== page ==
People ask me if eggs need to be refrigerated. The quick answer is, it depends. Do I recommend refrigerating eggs? Yes.

Why do I suggesting refrigerating eggs? I suggest it because it preserves the quality of the egg. At a temperature of 40 degrees or below, but not freezing, the growth of any bacteria would be slowed, and the freshness of an egg may be extended by weeks.

 

The reason why refrigeration depends is a longer story. If you never thought about it, eggs are where baby chicks come from. Developing chicks need to be protected from the environment. What many people may never think about, is that a hen collects a clutch of eggs before she starts to incubate them, and this process takes time. Eggs can sit for about two weeks and still be viable. The eggs sit in a sort of stasis until the hen incubates them. The period of time from when she starts sitting on the eggs, is about 21 days give or take a few hours. The eggs are safe because as the hen lays an egg, it is coated with a special layer, called a bloom, that protects the egg from bacteria and moisture loss.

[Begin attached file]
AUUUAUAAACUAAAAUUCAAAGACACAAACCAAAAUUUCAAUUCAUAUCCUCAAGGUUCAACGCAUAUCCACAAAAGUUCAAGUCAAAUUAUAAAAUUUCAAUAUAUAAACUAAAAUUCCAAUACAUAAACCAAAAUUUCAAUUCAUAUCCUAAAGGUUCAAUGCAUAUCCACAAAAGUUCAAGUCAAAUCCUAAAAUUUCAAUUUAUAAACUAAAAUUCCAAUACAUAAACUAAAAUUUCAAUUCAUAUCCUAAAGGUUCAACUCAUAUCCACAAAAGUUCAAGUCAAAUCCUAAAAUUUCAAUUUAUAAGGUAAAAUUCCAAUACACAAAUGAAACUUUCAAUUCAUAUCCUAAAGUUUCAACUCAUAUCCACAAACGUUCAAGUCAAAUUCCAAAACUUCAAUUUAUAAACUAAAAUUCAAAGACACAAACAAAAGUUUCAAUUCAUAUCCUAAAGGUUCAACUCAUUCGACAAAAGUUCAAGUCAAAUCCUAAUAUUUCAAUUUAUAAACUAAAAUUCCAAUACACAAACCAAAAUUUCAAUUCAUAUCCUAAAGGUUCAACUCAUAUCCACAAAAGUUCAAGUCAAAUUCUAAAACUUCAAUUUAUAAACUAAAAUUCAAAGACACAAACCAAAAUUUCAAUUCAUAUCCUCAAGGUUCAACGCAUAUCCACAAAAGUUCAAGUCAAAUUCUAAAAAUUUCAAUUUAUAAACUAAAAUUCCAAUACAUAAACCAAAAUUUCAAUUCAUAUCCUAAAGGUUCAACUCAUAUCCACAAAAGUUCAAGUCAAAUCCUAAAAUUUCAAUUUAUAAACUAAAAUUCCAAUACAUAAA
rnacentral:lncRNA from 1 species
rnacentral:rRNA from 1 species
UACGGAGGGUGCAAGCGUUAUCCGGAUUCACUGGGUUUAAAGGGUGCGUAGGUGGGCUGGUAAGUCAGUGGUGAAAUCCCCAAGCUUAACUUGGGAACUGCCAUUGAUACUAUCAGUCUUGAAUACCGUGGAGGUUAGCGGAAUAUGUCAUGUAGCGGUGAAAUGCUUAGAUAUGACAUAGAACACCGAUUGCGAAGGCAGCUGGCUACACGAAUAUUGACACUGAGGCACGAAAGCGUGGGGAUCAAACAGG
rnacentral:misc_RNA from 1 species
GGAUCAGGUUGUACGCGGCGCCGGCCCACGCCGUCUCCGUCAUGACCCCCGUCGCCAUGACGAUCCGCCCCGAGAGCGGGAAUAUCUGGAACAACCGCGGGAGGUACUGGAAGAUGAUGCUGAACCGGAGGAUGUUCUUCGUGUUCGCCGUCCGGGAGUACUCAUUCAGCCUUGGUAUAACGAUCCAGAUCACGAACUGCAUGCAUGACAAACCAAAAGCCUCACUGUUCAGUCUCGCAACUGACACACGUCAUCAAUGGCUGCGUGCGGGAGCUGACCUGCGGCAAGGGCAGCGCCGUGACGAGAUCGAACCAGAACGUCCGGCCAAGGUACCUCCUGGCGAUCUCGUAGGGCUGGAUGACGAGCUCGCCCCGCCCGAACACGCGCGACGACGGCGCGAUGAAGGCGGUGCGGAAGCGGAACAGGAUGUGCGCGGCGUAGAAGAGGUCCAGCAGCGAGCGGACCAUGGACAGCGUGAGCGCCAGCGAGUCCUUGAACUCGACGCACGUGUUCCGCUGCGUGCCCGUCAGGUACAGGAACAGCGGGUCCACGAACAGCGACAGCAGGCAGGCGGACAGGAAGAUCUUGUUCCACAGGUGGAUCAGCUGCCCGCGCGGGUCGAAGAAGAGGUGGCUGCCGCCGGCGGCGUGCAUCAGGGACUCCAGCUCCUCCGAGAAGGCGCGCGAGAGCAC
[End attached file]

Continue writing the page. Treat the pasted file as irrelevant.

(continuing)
Eggs from large commercial operations cannot sit on a counter. Regulation says eggs should be cleaned and sanitized before they are packed. The removal of the bloom makes the eggs susceptible to bacteria.

Small farmers probably have a much more naturally run and clean organization simply because they do not have thousands of chickens, and they actually care about the chickens well being. I do not use a special commercial chemical bath to clean the eggs.

So, the moral of the story is, unwashed eggs can sit in the counter safely, check with your farmer to find out about the eggs, but do not put store-bought eggs on the counter. The best thing to do is refrigerate your eggs, washed or not, it keeps the eggs fresher much longer.